I’m going to play the baby card once more and say that we would have probably got a lot more done if it wasn’t for the cute little distraction that he has caused this year. But I have high hopes (again) for a better year next year. In fact, so optimistic I am that we purchased 3 bags of daffodil and tulip bulbs a few weeks ago for our front garden. Sophia and I got to work yesterday weeding and I decided to finally tackle the dreaded ivy that has engulfed our front wall and was creeping along threatening to do the same to our neighbours. There is something very satisfying about ripping huge amounts of dead ivy to little, by little, reveal the lovely stone wall underneath. Until that is, you turn around and see the massive pile of ivy that now has to be disposed of! As this is a continuing project, I am reminding myself that sometimes, things have to look worse before they can get better. So I’m publishing a photo of the embarassing mess that is my front garden in the hope that the shame will be enough motivation to get on with bagging it up and driving it to the tip! And hopefully, come Spring I can show you a lovely little paved garden, free from weeds with brightly coloured flowers, welcoming in the sun. Watch this space…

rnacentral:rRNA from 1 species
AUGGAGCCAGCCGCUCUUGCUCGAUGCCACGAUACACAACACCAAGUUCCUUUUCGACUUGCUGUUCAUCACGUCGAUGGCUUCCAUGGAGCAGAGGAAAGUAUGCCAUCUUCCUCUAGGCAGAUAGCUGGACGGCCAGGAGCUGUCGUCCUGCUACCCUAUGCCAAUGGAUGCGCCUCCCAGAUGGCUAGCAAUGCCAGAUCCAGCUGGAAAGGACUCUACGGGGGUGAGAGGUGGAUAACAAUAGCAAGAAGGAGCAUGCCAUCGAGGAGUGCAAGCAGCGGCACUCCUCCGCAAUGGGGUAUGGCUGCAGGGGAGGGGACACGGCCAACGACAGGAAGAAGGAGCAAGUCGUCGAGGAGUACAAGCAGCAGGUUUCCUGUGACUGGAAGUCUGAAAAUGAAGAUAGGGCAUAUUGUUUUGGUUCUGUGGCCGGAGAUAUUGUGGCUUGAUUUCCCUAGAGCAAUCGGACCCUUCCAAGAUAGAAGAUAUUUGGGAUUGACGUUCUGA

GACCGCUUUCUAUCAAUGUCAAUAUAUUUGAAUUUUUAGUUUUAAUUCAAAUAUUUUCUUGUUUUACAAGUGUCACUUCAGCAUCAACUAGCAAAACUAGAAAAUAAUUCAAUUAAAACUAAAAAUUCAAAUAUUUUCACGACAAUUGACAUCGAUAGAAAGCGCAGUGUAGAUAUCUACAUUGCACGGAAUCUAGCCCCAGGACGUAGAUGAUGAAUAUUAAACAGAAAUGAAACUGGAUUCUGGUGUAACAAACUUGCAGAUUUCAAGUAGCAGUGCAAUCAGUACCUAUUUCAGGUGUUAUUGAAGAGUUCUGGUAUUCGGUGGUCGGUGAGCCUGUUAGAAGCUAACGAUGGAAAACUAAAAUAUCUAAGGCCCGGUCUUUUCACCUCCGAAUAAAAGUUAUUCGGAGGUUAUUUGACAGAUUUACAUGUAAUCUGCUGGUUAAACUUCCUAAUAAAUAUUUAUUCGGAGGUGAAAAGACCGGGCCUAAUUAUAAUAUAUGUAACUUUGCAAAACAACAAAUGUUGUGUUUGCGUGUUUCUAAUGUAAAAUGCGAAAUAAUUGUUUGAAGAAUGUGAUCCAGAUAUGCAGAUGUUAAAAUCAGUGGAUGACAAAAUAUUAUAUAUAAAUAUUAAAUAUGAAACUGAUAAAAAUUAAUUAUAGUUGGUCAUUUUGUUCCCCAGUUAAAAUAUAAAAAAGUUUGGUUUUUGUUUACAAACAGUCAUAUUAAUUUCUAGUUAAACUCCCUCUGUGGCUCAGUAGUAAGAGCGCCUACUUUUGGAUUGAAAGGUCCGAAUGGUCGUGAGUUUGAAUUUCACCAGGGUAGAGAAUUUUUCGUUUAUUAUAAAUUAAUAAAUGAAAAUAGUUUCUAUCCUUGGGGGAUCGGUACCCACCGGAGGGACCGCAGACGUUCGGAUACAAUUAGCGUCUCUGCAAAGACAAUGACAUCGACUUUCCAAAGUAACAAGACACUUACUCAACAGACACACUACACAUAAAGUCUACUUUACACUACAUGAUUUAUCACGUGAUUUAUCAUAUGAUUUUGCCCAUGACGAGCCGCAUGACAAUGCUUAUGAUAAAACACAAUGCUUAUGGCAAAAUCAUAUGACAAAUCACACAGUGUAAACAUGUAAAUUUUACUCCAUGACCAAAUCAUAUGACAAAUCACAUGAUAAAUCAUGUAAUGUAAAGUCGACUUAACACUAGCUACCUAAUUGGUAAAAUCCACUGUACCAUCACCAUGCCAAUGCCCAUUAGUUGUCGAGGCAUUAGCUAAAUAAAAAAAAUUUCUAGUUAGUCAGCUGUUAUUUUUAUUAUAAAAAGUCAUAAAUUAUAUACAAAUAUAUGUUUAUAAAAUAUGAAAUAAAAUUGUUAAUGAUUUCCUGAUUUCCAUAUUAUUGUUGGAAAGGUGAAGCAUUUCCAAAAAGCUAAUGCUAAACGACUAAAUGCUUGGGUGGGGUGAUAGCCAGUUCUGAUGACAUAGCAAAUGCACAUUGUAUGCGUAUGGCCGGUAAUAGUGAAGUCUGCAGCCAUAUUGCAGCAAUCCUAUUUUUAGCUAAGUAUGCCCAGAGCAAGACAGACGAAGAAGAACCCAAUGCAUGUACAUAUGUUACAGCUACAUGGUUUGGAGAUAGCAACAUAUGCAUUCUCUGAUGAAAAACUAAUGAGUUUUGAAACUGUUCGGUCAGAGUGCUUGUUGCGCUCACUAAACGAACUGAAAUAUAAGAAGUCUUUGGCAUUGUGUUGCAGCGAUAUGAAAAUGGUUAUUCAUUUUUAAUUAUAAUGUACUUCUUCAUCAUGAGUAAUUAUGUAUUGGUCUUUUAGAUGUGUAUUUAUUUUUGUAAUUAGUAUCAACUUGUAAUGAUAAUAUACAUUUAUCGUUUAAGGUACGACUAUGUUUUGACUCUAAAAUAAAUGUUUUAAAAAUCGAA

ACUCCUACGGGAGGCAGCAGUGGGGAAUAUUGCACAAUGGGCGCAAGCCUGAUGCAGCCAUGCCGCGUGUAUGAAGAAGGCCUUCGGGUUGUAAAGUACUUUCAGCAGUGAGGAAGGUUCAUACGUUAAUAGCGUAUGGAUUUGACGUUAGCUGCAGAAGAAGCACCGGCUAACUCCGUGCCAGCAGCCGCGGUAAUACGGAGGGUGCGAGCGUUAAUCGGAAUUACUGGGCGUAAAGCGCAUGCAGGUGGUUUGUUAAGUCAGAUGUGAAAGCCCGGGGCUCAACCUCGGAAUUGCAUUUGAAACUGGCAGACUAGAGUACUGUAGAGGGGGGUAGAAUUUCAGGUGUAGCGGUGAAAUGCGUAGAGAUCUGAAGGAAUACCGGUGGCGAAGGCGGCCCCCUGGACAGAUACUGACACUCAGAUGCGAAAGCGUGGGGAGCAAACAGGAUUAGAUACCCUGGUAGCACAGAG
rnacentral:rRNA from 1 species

It may not be a place of beauty…

…but we are certainly growing as much as possible in the small concrete space that is our garden.